Conversations with Saul Bellow on Esoteric-Spiritual Matters
A Publisher’s Recollections
In 1975, Saul Bellow published his eighth novel, Humboldt’s Gift, in which the main protagonist is occupied with, among other things, the teachings of Rudolf Steiner. Although the novel was an immediate success and won a Pulitzer Prize, leading to Bellow’s Nobel Prize for Literature in 1976, the unapologetic presence of Rudolf Steiner’s Anthroposophy in a work of such obvious cultural importance was, and remains, puzzling for many commentators. A sentence from one contemporary review of the novel is typical: “I am not clear whether Charlie’s devotion to Steiner’s Anthroposophy is one of Mr. Bellow’s more obscure jokes or is meant seriously.”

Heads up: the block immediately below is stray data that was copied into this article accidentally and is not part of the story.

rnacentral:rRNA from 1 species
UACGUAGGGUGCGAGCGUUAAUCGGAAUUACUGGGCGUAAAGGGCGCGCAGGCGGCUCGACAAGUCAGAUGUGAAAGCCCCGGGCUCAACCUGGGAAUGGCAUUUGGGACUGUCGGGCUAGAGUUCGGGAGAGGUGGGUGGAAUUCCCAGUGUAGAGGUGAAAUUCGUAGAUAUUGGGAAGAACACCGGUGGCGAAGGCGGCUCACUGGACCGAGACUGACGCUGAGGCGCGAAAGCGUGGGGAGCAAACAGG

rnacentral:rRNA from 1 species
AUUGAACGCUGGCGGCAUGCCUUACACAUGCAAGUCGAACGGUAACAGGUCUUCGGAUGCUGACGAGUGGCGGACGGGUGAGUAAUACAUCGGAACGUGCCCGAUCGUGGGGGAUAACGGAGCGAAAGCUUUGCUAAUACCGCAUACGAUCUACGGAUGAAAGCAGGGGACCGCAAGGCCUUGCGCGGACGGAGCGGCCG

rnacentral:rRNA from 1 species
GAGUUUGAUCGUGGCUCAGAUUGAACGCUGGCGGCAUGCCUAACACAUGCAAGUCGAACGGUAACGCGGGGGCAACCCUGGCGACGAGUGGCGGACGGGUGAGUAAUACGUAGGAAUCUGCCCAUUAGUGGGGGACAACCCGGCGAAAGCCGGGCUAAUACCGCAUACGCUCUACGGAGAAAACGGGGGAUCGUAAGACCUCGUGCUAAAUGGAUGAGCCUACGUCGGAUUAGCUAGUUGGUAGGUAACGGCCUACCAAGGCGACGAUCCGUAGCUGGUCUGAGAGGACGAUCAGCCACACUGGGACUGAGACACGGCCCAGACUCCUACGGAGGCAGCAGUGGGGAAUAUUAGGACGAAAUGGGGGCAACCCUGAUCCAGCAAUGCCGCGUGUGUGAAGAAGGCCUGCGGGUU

Those readers with more than a passing knowledge of Steiner’s work, however, immediately recognized that an authentic effort to come to terms with anthroposophy in an unbiased way was behind Bellow’s artful depiction of Charlie Citrine.
Stephen Usher, who later became the manager of the Anthroposophic Press (now SteinerBooks), was one such reader. This book offers a personal account of the conversations and correspondence that followed their meeting through a mutual acquaintance, and includes the foreword Saul Bellow wrote then for the book of lectures by Rudolf Steiner, The Boundaries of Natural Science.